Geometric Theory of Nonlocal Transport in Metals

Dr. Dmytro Pesin
University of Utah
Department of Physics and Astronomy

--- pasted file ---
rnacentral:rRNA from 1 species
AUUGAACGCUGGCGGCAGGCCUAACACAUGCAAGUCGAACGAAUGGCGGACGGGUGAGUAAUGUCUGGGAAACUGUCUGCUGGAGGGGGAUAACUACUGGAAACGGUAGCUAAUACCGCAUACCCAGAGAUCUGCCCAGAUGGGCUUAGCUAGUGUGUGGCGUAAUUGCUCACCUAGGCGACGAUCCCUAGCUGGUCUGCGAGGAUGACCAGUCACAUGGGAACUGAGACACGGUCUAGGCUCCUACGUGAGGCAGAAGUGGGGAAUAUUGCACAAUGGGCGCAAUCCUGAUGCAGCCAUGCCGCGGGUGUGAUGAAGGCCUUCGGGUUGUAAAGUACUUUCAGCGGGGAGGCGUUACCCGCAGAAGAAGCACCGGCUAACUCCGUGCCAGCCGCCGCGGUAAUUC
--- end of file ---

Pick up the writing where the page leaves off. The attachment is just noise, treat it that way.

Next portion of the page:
I will discuss the topological and geometric aspects of optical and transport phenomena in metals with nontrivial band geometry, and outline the full theory of linear-in-q contribution to the non-local conductivity in a disordered metal. Physical applications of the theory include the natural optical activity of metals and the dynamic chiral magnetic effect, as well as the kinetic magnetoelectric effect/the current-induced magnetization in metallic systems. The theory is similar in spirit to the one of the anomalous Hall effect in metals, and can be used for the analysis of the typical optical and transport measurements (e.g. Faraday rotation, current-induced magnetization) in the THz frequency range.